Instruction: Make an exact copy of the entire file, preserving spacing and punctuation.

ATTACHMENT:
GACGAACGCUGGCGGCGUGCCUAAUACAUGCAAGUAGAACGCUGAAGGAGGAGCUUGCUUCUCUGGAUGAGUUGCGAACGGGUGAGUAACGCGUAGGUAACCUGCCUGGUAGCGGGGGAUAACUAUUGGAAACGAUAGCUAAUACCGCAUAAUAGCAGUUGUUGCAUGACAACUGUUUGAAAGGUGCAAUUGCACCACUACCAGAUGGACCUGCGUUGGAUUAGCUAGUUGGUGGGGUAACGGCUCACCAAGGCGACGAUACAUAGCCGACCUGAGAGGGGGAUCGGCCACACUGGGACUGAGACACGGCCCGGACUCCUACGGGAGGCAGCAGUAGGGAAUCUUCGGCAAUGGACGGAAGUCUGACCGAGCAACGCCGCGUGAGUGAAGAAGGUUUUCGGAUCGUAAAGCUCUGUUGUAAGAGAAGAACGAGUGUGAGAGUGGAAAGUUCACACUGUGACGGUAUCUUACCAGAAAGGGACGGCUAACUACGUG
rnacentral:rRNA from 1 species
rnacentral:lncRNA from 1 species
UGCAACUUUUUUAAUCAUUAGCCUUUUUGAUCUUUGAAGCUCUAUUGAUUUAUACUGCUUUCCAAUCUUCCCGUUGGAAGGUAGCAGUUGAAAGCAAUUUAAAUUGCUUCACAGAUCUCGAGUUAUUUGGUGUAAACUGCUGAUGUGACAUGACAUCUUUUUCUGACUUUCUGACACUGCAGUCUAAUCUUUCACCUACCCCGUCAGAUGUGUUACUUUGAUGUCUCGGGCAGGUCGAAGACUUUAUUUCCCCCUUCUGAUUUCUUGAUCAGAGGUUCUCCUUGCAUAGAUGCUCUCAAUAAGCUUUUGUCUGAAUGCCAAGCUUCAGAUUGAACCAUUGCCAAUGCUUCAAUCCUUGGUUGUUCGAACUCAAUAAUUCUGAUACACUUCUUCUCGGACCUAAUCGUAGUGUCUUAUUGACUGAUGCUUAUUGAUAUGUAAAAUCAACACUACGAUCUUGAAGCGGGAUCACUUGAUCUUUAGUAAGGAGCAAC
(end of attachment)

GACGAACGCUGGCGGCGUGCCUAAUACAUGCAAGUAGAACGCUGAAGGAGGAGCUUGCUUCUCUGGAUGAGUUGCGAACGGGUGAGUAACGCGUAGGUAACCUGCCUGGUAGCGGGGGAUAACUAUUGGAAACGAUAGCUAAUACCGCAUAAUAGCAGUUGUUGCAUGACAACUGUUUGAAAGGUGCAAUUGCACCACUACCAGAUGGACCUGCGUUGGAUUAGCUAGUUGGUGGGGUAACGGCUCACCAAGGCGACGAUACAUAGCCGACCUGAGAGGGGGAUCGGCCACACUGGGACUGAGACACGGCCCGGACUCCUACGGGAGGCAGCAGUAGGGAAUCUUCGGCAAUGGACGGAAGUCUGACCGAGCAACGCCGCGUGAGUGAAGAAGGUUUUCGGAUCGUAAAGCUCUGUUGUAAGAGAAGAACGAGUGUGAGAGUGGAAAGUUCACACUGUGACGGUAUCUUACCAGAAAGGGACGGCUAACUACGUG
rnacentral:rRNA from 1 species
rnacentral:lncRNA from 1 species
UGCAACUUUUUUAAUCAUUAGCCUUUUUGAUCUUUGAAGCUCUAUUGAUUUAUACUGCUUUCCAAUCUUCCCGUUGGAAGGUAGCAGUUGAAAGCAAUUUAAAUUGCUUCACAGAUCUCGAGUUAUUUGGUGUAAACUGCUGAUGUGACAUGACAUCUUUUUCUGACUUUCUGACACUGCAGUCUAAUCUUUCACCUACCCCGUCAGAUGUGUUACUUUGAUGUCUCGGGCAGGUCGAAGACUUUAUUUCCCCCUUCUGAUUUCUUGAUCAGAGGUUCUCCUUGCAUAGAUGCUCUCAAUAAGCUUUUGUCUGAAUGCCAAGCUUCAGAUUGAACCAUUGCCAAUGCUUCAAUCCUUGGUUGUUCGAACUCAAUAAUUCUGAUACACUUCUUCUCGGACCUAAUCGUAGUGUCUUAUUGACUGAUGCUUAUUGAUAUGUAAAAUCAACACUACGAUCUUGAAGCGGGAUCACUUGAUCUUUAGUAAGGAGCAAC